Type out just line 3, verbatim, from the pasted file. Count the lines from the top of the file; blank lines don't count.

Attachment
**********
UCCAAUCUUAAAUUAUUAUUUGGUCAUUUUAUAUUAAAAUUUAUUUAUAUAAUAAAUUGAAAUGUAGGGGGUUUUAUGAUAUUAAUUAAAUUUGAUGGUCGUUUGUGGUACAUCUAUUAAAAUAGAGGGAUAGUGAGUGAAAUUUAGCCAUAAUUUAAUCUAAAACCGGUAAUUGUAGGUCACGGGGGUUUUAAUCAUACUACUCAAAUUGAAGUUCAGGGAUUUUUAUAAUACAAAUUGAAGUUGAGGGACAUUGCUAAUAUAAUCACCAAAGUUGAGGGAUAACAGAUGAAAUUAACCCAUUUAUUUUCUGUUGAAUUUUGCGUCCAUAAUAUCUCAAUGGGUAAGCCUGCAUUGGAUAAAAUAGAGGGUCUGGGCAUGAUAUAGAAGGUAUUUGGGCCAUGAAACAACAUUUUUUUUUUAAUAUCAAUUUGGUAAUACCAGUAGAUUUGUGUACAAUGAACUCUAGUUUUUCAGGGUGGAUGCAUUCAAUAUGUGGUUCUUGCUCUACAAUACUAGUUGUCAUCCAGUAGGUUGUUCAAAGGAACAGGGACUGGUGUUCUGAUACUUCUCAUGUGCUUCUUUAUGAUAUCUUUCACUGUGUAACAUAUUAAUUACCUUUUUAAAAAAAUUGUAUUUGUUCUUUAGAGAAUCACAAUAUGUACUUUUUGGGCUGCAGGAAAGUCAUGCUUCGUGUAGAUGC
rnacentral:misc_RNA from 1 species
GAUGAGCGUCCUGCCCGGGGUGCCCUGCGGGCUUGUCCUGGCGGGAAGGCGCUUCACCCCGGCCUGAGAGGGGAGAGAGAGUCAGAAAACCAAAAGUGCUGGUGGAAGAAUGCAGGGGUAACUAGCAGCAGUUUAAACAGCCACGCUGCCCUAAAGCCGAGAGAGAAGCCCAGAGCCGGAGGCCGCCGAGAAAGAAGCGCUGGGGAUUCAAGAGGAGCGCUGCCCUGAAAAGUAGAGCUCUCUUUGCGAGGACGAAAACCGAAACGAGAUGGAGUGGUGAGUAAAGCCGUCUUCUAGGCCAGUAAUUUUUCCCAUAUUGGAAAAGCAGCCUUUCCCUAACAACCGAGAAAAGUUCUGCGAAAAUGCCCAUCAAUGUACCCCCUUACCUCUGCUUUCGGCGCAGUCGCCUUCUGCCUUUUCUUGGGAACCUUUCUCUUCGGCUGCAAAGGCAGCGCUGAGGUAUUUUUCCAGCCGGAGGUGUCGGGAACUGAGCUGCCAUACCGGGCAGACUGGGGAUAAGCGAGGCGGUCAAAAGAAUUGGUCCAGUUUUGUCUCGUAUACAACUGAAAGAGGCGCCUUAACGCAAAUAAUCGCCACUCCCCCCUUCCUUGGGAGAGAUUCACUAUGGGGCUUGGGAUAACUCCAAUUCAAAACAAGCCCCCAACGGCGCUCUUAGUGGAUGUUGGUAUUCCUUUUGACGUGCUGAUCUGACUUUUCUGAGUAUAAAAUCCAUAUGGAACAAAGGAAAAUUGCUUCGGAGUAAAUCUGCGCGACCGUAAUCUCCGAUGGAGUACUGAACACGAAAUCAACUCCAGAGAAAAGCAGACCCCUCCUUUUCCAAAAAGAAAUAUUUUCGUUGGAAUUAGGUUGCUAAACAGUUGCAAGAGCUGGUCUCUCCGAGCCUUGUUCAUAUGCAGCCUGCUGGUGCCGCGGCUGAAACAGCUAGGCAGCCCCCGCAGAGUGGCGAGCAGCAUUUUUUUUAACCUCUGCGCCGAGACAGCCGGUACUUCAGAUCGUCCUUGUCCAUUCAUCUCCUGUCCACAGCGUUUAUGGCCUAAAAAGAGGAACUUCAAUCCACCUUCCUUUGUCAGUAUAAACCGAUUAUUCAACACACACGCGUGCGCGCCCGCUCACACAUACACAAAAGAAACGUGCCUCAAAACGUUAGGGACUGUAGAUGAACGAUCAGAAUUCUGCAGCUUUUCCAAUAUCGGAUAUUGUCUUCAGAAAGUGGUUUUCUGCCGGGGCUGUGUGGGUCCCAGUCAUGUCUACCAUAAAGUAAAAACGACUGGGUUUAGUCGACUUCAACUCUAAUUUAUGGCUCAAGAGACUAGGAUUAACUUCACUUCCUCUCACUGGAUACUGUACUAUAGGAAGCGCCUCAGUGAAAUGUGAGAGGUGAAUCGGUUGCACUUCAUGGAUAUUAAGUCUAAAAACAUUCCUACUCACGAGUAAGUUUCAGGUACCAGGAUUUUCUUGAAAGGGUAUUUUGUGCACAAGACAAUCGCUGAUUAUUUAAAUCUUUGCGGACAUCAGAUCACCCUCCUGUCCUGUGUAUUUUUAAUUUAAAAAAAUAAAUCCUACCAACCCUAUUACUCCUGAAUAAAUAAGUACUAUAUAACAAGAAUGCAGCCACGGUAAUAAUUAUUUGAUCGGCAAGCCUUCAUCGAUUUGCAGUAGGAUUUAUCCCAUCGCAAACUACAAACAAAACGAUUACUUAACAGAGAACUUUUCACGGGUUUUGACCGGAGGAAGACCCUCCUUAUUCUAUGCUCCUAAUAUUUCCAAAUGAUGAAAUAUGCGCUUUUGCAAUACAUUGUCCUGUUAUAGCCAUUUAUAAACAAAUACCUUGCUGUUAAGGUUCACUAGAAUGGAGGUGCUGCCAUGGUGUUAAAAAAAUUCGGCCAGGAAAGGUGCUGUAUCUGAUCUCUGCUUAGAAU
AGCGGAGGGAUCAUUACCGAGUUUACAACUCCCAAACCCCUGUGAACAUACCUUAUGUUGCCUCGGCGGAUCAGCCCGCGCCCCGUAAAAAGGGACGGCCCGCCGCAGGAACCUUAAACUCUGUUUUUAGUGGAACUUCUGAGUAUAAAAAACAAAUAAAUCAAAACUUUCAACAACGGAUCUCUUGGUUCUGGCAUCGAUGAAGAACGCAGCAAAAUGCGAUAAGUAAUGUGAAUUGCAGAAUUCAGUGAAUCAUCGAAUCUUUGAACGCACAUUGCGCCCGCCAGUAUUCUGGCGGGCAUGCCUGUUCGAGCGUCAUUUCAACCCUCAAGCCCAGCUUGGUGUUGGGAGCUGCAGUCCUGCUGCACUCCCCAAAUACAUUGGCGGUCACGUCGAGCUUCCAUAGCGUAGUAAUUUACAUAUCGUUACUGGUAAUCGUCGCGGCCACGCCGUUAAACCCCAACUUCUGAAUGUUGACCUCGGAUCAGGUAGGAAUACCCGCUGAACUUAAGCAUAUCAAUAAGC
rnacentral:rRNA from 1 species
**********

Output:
GAUGAGCGUCCUGCCCGGGGUGCCCUGCGGGCUUGUCCUGGCGGGAAGGCGCUUCACCCCGGCCUGAGAGGGGAGAGAGAGUCAGAAAACCAAAAGUGCUGGUGGAAGAAUGCAGGGGUAACUAGCAGCAGUUUAAACAGCCACGCUGCCCUAAAGCCGAGAGAGAAGCCCAGAGCCGGAGGCCGCCGAGAAAGAAGCGCUGGGGAUUCAAGAGGAGCGCUGCCCUGAAAAGUAGAGCUCUCUUUGCGAGGACGAAAACCGAAACGAGAUGGAGUGGUGAGUAAAGCCGUCUUCUAGGCCAGUAAUUUUUCCCAUAUUGGAAAAGCAGCCUUUCCCUAACAACCGAGAAAAGUUCUGCGAAAAUGCCCAUCAAUGUACCCCCUUACCUCUGCUUUCGGCGCAGUCGCCUUCUGCCUUUUCUUGGGAACCUUUCUCUUCGGCUGCAAAGGCAGCGCUGAGGUAUUUUUCCAGCCGGAGGUGUCGGGAACUGAGCUGCCAUACCGGGCAGACUGGGGAUAAGCGAGGCGGUCAAAAGAAUUGGUCCAGUUUUGUCUCGUAUACAACUGAAAGAGGCGCCUUAACGCAAAUAAUCGCCACUCCCCCCUUCCUUGGGAGAGAUUCACUAUGGGGCUUGGGAUAACUCCAAUUCAAAACAAGCCCCCAACGGCGCUCUUAGUGGAUGUUGGUAUUCCUUUUGACGUGCUGAUCUGACUUUUCUGAGUAUAAAAUCCAUAUGGAACAAAGGAAAAUUGCUUCGGAGUAAAUCUGCGCGACCGUAAUCUCCGAUGGAGUACUGAACACGAAAUCAACUCCAGAGAAAAGCAGACCCCUCCUUUUCCAAAAAGAAAUAUUUUCGUUGGAAUUAGGUUGCUAAACAGUUGCAAGAGCUGGUCUCUCCGAGCCUUGUUCAUAUGCAGCCUGCUGGUGCCGCGGCUGAAACAGCUAGGCAGCCCCCGCAGAGUGGCGAGCAGCAUUUUUUUUAACCUCUGCGCCGAGACAGCCGGUACUUCAGAUCGUCCUUGUCCAUUCAUCUCCUGUCCACAGCGUUUAUGGCCUAAAAAGAGGAACUUCAAUCCACCUUCCUUUGUCAGUAUAAACCGAUUAUUCAACACACACGCGUGCGCGCCCGCUCACACAUACACAAAAGAAACGUGCCUCAAAACGUUAGGGACUGUAGAUGAACGAUCAGAAUUCUGCAGCUUUUCCAAUAUCGGAUAUUGUCUUCAGAAAGUGGUUUUCUGCCGGGGCUGUGUGGGUCCCAGUCAUGUCUACCAUAAAGUAAAAACGACUGGGUUUAGUCGACUUCAACUCUAAUUUAUGGCUCAAGAGACUAGGAUUAACUUCACUUCCUCUCACUGGAUACUGUACUAUAGGAAGCGCCUCAGUGAAAUGUGAGAGGUGAAUCGGUUGCACUUCAUGGAUAUUAAGUCUAAAAACAUUCCUACUCACGAGUAAGUUUCAGGUACCAGGAUUUUCUUGAAAGGGUAUUUUGUGCACAAGACAAUCGCUGAUUAUUUAAAUCUUUGCGGACAUCAGAUCACCCUCCUGUCCUGUGUAUUUUUAAUUUAAAAAAAUAAAUCCUACCAACCCUAUUACUCCUGAAUAAAUAAGUACUAUAUAACAAGAAUGCAGCCACGGUAAUAAUUAUUUGAUCGGCAAGCCUUCAUCGAUUUGCAGUAGGAUUUAUCCCAUCGCAAACUACAAACAAAACGAUUACUUAACAGAGAACUUUUCACGGGUUUUGACCGGAGGAAGACCCUCCUUAUUCUAUGCUCCUAAUAUUUCCAAAUGAUGAAAUAUGCGCUUUUGCAAUACAUUGUCCUGUUAUAGCCAUUUAUAAACAAAUACCUUGCUGUUAAGGUUCACUAGAAUGGAGGUGCUGCCAUGGUGUUAAAAAAAUUCGGCCAGGAAAGGUGCUGUAUCUGAUCUCUGCUUAGAAU